The ‘Feed the Minds’ book sale continues at St Edward’s on Saturday 8th, and throughout the summer in York.
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May the days be as glorious, sunny and packed with reading as today.

The Kindness of Trees blog has been running an excellent series of cycle-related pieces. There is something really reassuring in the descriptions of bespoke(d) equipment, provenance, history.

Cycling culture, on or off road, is not something of which I have any detailed knowledge. Not the serious ‘as a sport’ aspects, I mean. I’m aware of its importance to millions of people, and I love the abstractions, the sort of chivalric mix of romance and cynicism exemplified by the Tour de France, for example. In 2012 I was diverted by the attention lavished on BBC Sports Personality of the Year and knight-in-waiting national hero Bradley Wiggins. As “Le Gentleman” winner of Le Tour, and Olympic gold, it was a very sunny period for him. With the Mod stylings added in, he can be seen perhaps as an avatar of enthusiasm for retro-styled, oily-handed, but sharp, honesty.

Perhaps. In yet another sport that is tainted by commercial interests, he represents a need for oily-handed honesty, at least. Doing it because it’s it, sort of thing.

So: Two Wheels Good. I’ve loved whizzing about on a bike since as long as I can remember. I got a National Cycling Proficiency Certificate in 1985 and since this legitimation have only looked back over my shoulder to check the oncoming traffic when turning. As mentioned in a previous blog, apparently written by a persona more willing to indulge the semi-colon:

I can’t not cycle, it’s a joyful thing.

I think my true love of cycling comes from very early bezzing about, freewheeling, pretending to be on hover bikes, finding shortcuts to adventures, all the way through to the days of whizzing past traffic in various cities throughout the UK. Working to facilitate the commute. Locomotion for fun.

This winter has been very grey and wet in Yorkshire, one of a number of easy reasons to let my bike sit in the shed waiting for me to go and play. The few times I have ventured out, the winds have been unfavourable and my wrist/shoulder discomfort pronounced. Old man, take a look at yourself. So, part-inspired by The Kindness of Trees, I have shaken off this torpor and am dedicating January to reinvigorating my love of the bike.

With all this in mind, when asked for ‘ideas for Santa’s elves’ (by my mum), what I really wanted were some bar ends. I received with gratitude a pair of Specialized Targa contour grip combis:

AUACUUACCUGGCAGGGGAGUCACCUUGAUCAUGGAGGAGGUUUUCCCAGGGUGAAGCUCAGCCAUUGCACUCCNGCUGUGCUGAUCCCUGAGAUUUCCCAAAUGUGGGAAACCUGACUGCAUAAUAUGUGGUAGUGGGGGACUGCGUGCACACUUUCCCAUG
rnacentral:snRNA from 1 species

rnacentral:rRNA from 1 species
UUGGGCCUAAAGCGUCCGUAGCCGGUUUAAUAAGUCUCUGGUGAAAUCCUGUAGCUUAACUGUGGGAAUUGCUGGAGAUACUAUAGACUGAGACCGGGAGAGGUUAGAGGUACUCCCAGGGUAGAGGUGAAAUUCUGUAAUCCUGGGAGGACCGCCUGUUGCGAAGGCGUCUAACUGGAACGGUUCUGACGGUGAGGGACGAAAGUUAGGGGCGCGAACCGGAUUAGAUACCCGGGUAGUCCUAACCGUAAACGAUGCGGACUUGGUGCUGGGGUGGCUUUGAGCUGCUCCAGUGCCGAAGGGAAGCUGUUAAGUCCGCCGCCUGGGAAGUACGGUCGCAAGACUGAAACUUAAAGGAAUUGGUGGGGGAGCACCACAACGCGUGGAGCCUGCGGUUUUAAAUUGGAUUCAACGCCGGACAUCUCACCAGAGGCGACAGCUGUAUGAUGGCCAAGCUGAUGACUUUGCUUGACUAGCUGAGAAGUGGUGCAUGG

bar-ends-in-place

This weekend I made time to fit them. That’s them in situ on the bike. There is nothing like a shiny new piece of equipment to help you feel like you’re devoting attention to something. Yet in fitting them I realised how little attention I devote to this ‘truly central’ bit of kit (see Bruce Sterling on ‘truly central’ bits of kit). Here’s the rest of my bike:
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It’s a Ridgeback Cyclone. It was bought under the criteria of cost and being able to withstand the rigours of London commuting. I like the lightness, the robustness and the speed. It serves me very well. But, but, looking at it through the camera lens, I was struck by what an ill-treated mongrel it is. Witness this manufacturing mash-up:
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That’s actually four different logos visible, I forgot to include the new bar ends. And fair dos, Shimano gears are fairly ubiquitous. The handlebar, however – I’m struggling to identify the brand – was a budget-ish replacement for one that I bent out of shape by interfacing with a tree, cycling home drunkenly. My thighs had a superb handlebar-shaped bruise for about a month after. Moving along, in every sense, we see a lot of corrosion on the stem and a very rusty bell:

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…both of which descriptions have me sniggering like Finbarr Saunders in Viz. There’s also corrosion on the forks, from where they’ve been bashed by locks and leanings.

I felt slightly worn myself looking at it. So, I booked it in for a service. During the next few months, I intend to replace all worn parts and get it looking cared for again. And in the spirit of promoting the notion of ‘two wheels good’, I shall post some regular cycle-related updates.

This was my inaugural bike ride of 2013:
About 14km

Sorry about the squinty image, you can click to see it larger. Along the yellow line, taking in Hob Moor, Cycle Heaven on Bishopthorpe Road, then a turn round York City Wall, then back via Clifton Moor, was about 14km.

Just a short one, I’m still feeling the mince pies a bit. Very, very satisfying to be back in the saddle, though. Fnarr! Fnarr!